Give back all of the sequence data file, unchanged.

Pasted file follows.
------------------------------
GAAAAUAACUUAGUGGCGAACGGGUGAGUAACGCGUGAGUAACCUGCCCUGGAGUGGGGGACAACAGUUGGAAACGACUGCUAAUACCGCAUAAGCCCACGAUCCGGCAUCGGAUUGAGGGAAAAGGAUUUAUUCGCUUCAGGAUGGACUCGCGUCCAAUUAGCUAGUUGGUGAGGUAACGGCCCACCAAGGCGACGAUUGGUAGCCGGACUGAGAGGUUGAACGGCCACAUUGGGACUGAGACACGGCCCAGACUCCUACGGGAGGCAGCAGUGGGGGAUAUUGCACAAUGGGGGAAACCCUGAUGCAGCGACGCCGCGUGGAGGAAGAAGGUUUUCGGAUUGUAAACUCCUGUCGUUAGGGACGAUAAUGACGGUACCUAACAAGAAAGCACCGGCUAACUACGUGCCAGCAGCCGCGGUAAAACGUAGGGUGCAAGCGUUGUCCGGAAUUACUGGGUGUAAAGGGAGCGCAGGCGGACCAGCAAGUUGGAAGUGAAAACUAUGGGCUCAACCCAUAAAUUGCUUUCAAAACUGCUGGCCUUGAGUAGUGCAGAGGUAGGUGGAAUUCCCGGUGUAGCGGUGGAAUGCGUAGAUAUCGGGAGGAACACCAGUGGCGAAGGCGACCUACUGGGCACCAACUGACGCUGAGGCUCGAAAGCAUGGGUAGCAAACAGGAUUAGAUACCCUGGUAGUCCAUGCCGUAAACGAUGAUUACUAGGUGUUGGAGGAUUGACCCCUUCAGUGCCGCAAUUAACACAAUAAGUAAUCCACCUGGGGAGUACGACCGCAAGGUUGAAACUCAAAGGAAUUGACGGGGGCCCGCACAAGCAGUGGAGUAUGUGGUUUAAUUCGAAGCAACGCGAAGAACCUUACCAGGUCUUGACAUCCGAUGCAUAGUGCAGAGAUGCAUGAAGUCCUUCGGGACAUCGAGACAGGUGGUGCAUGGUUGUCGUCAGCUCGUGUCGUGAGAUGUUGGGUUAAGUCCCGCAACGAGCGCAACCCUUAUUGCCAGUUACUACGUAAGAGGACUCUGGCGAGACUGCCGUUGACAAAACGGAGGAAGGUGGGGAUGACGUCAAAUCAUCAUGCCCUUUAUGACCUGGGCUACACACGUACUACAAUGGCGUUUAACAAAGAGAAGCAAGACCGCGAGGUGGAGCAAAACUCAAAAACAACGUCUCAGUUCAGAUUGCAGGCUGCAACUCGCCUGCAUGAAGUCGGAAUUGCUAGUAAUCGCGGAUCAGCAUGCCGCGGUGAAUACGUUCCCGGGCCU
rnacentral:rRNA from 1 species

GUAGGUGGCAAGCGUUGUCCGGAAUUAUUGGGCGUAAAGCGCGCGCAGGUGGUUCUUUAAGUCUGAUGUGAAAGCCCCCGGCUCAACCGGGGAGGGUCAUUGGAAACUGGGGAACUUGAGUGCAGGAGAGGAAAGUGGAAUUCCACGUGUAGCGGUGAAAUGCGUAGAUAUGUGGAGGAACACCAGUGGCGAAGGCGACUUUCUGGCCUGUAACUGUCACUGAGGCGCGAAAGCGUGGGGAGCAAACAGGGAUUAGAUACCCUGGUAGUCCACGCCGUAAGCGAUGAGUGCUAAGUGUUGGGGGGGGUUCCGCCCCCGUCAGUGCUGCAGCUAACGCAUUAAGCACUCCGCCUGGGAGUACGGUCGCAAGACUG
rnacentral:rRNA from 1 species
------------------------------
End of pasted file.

GAAAAUAACUUAGUGGCGAACGGGUGAGUAACGCGUGAGUAACCUGCCCUGGAGUGGGGGACAACAGUUGGAAACGACUGCUAAUACCGCAUAAGCCCACGAUCCGGCAUCGGAUUGAGGGAAAAGGAUUUAUUCGCUUCAGGAUGGACUCGCGUCCAAUUAGCUAGUUGGUGAGGUAACGGCCCACCAAGGCGACGAUUGGUAGCCGGACUGAGAGGUUGAACGGCCACAUUGGGACUGAGACACGGCCCAGACUCCUACGGGAGGCAGCAGUGGGGGAUAUUGCACAAUGGGGGAAACCCUGAUGCAGCGACGCCGCGUGGAGGAAGAAGGUUUUCGGAUUGUAAACUCCUGUCGUUAGGGACGAUAAUGACGGUACCUAACAAGAAAGCACCGGCUAACUACGUGCCAGCAGCCGCGGUAAAACGUAGGGUGCAAGCGUUGUCCGGAAUUACUGGGUGUAAAGGGAGCGCAGGCGGACCAGCAAGUUGGAAGUGAAAACUAUGGGCUCAACCCAUAAAUUGCUUUCAAAACUGCUGGCCUUGAGUAGUGCAGAGGUAGGUGGAAUUCCCGGUGUAGCGGUGGAAUGCGUAGAUAUCGGGAGGAACACCAGUGGCGAAGGCGACCUACUGGGCACCAACUGACGCUGAGGCUCGAAAGCAUGGGUAGCAAACAGGAUUAGAUACCCUGGUAGUCCAUGCCGUAAACGAUGAUUACUAGGUGUUGGAGGAUUGACCCCUUCAGUGCCGCAAUUAACACAAUAAGUAAUCCACCUGGGGAGUACGACCGCAAGGUUGAAACUCAAAGGAAUUGACGGGGGCCCGCACAAGCAGUGGAGUAUGUGGUUUAAUUCGAAGCAACGCGAAGAACCUUACCAGGUCUUGACAUCCGAUGCAUAGUGCAGAGAUGCAUGAAGUCCUUCGGGACAUCGAGACAGGUGGUGCAUGGUUGUCGUCAGCUCGUGUCGUGAGAUGUUGGGUUAAGUCCCGCAACGAGCGCAACCCUUAUUGCCAGUUACUACGUAAGAGGACUCUGGCGAGACUGCCGUUGACAAAACGGAGGAAGGUGGGGAUGACGUCAAAUCAUCAUGCCCUUUAUGACCUGGGCUACACACGUACUACAAUGGCGUUUAACAAAGAGAAGCAAGACCGCGAGGUGGAGCAAAACUCAAAAACAACGUCUCAGUUCAGAUUGCAGGCUGCAACUCGCCUGCAUGAAGUCGGAAUUGCUAGUAAUCGCGGAUCAGCAUGCCGCGGUGAAUACGUUCCCGGGCCU
rnacentral:rRNA from 1 species

GUAGGUGGCAAGCGUUGUCCGGAAUUAUUGGGCGUAAAGCGCGCGCAGGUGGUUCUUUAAGUCUGAUGUGAAAGCCCCCGGCUCAACCGGGGAGGGUCAUUGGAAACUGGGGAACUUGAGUGCAGGAGAGGAAAGUGGAAUUCCACGUGUAGCGGUGAAAUGCGUAGAUAUGUGGAGGAACACCAGUGGCGAAGGCGACUUUCUGGCCUGUAACUGUCACUGAGGCGCGAAAGCGUGGGGAGCAAACAGGGAUUAGAUACCCUGGUAGUCCACGCCGUAAGCGAUGAGUGCUAAGUGUUGGGGGGGGUUCCGCCCCCGUCAGUGCUGCAGCUAACGCAUUAAGCACUCCGCCUGGGAGUACGGUCGCAAGACUG
rnacentral:rRNA from 1 species